Roadside Customer Service by katerauner

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Roadside Customer Service

by katerauner

Jason paused in the doorway of the Regional Dispatch lounge, stopped by the view of a half dozen response technicians eating donuts and drinking coffee. He was nervous on his first day.

He'd never met his new team lead but spotted her immediately. She wore the same blue uniform Jason did. Well, almost. His coveralls were crisp and bright while hers were faded and worn.

"Good morning, Ellen," he said, hand extended. "I'm Jason."

"Grab your coffee and follow me, kid."

"My name is Jason."

"First lesson - don't waste time," she headed to the door. "Grab a shop ticket if there's no call waiting. We get extra efficiency points that way."

In the shop, they were troubleshooting a control module that stumped the robo-tech when the first call came in.

Regional Dispatch to Blue Team. Take tug three.

Ellen pointed to his pad. "Read out the needed supplies to me." She shoved tools and parts from shelves into a duffle as they walked through the warehouse towards the helipad, then tossed the bag to Jason and hefted a tire.

Outside, the pilot waved as he climbed into the skycrane that was perched on top of a shop tug with a large number three painted across its side.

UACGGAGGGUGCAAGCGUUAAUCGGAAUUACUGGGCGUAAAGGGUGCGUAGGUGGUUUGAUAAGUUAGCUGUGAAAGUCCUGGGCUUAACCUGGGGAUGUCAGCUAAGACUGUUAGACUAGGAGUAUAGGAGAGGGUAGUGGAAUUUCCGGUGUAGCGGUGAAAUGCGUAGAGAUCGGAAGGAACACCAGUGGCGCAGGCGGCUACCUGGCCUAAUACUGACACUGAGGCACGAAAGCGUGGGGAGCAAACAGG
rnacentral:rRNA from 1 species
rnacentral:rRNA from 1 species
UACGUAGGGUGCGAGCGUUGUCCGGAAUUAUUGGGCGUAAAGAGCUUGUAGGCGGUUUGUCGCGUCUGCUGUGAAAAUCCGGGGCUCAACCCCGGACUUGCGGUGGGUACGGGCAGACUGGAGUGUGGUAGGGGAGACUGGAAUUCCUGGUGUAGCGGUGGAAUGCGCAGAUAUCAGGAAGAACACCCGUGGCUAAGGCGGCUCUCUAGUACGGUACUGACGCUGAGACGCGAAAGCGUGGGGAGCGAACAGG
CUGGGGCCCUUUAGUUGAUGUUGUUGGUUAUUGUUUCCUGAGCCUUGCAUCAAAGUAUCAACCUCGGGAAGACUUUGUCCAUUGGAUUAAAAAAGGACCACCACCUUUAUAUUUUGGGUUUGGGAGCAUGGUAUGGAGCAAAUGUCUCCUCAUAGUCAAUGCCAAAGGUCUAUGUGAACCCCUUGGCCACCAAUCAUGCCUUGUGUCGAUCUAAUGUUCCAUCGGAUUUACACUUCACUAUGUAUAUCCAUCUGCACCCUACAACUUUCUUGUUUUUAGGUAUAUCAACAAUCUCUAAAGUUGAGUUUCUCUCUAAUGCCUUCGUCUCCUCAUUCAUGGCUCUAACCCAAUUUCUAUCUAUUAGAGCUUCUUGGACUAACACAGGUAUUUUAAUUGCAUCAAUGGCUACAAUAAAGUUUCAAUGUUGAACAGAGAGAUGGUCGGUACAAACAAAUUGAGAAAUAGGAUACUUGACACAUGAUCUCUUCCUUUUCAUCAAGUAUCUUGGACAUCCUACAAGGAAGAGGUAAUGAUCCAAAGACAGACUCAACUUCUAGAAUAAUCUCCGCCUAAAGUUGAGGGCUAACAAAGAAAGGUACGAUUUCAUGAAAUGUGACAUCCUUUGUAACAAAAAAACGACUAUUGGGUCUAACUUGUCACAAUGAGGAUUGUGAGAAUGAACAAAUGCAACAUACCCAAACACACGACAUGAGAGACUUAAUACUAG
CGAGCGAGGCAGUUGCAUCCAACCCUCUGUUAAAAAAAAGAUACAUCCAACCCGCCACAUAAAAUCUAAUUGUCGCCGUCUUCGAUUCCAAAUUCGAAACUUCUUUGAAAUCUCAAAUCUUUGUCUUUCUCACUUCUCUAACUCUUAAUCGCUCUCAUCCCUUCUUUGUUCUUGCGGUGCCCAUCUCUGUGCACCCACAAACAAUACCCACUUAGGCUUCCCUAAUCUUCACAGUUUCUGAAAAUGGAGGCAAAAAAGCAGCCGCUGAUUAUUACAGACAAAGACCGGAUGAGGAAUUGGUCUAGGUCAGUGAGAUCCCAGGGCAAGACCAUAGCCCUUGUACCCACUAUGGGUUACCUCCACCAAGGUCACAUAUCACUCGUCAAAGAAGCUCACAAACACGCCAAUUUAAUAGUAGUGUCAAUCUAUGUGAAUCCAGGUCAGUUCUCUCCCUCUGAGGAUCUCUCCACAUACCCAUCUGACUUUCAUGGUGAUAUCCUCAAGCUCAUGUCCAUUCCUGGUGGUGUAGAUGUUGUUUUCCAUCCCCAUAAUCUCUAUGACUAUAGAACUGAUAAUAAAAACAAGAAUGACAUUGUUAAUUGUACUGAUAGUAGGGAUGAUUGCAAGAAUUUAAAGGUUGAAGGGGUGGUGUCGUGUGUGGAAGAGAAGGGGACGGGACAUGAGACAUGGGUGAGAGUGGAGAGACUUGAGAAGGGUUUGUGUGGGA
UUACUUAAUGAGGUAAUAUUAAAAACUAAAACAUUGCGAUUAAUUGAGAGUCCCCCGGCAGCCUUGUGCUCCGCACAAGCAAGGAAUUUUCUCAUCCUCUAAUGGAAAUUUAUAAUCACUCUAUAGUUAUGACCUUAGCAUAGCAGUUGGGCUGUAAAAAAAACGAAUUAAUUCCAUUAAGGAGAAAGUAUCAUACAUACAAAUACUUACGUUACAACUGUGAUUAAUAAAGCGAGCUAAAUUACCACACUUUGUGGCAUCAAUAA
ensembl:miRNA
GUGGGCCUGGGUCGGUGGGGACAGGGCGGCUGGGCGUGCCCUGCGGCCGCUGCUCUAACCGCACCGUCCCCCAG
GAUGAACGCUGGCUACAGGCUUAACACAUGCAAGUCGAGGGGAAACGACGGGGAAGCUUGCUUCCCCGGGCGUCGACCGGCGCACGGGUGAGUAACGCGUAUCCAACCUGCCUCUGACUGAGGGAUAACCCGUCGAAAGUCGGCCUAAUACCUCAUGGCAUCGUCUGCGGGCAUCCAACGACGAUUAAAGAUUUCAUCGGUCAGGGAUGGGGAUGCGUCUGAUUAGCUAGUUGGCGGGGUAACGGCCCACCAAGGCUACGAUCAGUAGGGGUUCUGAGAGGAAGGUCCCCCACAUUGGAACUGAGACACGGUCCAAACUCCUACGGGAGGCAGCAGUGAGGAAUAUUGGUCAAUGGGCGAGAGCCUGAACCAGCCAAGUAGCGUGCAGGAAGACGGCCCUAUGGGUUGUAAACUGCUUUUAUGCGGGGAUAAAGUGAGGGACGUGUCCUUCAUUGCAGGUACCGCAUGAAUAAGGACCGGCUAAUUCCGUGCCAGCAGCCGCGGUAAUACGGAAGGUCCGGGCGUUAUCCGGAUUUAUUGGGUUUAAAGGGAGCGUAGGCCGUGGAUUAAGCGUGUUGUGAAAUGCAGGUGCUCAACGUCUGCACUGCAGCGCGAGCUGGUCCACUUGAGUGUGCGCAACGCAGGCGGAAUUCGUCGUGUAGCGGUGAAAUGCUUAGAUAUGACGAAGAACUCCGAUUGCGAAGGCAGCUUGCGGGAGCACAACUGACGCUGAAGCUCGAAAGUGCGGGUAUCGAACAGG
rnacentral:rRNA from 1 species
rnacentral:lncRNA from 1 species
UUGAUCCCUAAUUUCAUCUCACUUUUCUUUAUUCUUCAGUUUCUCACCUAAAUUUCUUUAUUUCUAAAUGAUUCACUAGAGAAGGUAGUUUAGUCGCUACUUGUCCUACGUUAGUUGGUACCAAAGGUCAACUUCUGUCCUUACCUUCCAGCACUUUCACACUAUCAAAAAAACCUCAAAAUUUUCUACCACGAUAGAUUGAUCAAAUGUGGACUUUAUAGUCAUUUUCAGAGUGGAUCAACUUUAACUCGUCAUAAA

Ellen napped on the half hour flight while Jason reviewed procedures.

The skycrane hovered over a highway median and lowered the tug on grapplers. The tug, self-driving like all vehicles, deftly crossed the lanes to pull up behind a car tilted at a slight angle on the shoulder.

"Damn," Ellen said. "Why isn't a replacement car here yet? Now we have to talk to the customer."

A red-faced man in a business suit waved his Customer Possessions bag at them.

"Talk to him," Ellen said "I'll roll the tire out."

"Where's my ride?" the man demanded.

"On its way, sir." Jason handed him a chip card. "Please accept this discount on your next ride with us as compensation for the inconvenience. I hope you won't be late."

"Of course I'm late." The man focused an angry glare on him and pointed at the car. "Since when do tires blow out?"

Jason began reciting his memorized statistics. "Our mean-time-to-failure rate is the best..."

"Give me that car." The man pointed to the shop-tug.

"I'm sorry, sir. We can't."

"I've never seen such incompetence. I'm posting a very negative review on you..." The man leaned forward to read the name on Jason's crisp new coveralls. "Jason." He continued to complain until the replacement car rolled up and opened its door.

Ellen had finished changing the flat by the time Jason joined her. She rapped the car on its hood and told it to go to the nearest shop for inspection. "Here's a little tip. Don't dip into a customer's problems. People are a pain, kid."

"Jason. My name is Jason."

Regional Dispatch to Blue Team. You guys done yet? I'm sending the skycrane back to you. There's an accident with injuries."

Ellen mumbled something rude.

A ten minute flight along a side road dropped them in a travel lane blocked by Medical Responders.

Ellen led the way around one medic who was maneuvering a woman on a hover gurney, the Auto-Drive Customer Possessions bag between her feet. A second carried a sobbing little girl. Jason stared at a deer crumpled on the car hood, dead.